El Salvador…Here We Come! Or Adrift at Sea?
01 March 2011 | Bahia del Sol, El Salvador
March 1, 2011
S/V Precious Metal punches thru a wave crossing the bar at Bahia del Sol, El Salvador
El Salvador...Here We Come! Or Adrift at Sea?
Yeah! We finally feel like we're getting somewhere in our journey! We feel this way only because Mexico was so easy...well, most of the time anyway! And nothing brings that point more to the forefront than "crossing the bar" into Bahia del Sol, our home for the next eight weeks.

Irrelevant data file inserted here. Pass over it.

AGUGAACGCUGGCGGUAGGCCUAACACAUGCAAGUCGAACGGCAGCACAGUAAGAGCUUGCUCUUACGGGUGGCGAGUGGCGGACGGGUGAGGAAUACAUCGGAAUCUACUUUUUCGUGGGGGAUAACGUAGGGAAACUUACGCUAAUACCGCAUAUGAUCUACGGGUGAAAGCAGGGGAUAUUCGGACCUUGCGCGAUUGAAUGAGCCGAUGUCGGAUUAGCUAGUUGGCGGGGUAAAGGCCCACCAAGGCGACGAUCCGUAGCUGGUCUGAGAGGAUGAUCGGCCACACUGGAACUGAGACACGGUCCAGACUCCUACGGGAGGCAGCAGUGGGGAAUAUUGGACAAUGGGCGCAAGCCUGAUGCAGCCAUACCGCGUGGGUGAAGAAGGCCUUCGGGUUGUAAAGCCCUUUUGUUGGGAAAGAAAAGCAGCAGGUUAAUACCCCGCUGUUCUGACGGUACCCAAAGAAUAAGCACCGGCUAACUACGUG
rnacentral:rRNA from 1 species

It was a forty two hour trip from Puerto Chiapas, Mexico to our first stop in El Salvador. We should have known it was an ominous sign when leaving, when our supposed re-built windlass (remember the saga in December?) decided not to work AGAIN when we needed to raise the anchor. THIS time Larry and I did it together, protecting his STILL injured arm from the December windlass debacle. Poor Ben lay downstairs in our cabin with a 103* fever. We wrestled with whether or not we should be traveling, but we thought we would have a better chance of medical care for him in San Salvador than Puerto Chiapas. Although we will never forget the ladies in the kitchen of the beach palapa restaurant who had taken a particular fondness of Ben, and when they heard he was ill, brewed a special concoction of an anti-parasitic drink from herbs that they insisted I give him every few hours. Needless to say, he took one sip and spit it out. It is the thought that counts though. What sweet, sweet women, who live in severe poverty, yet they gave us this medicine out of the kindness of their hearts.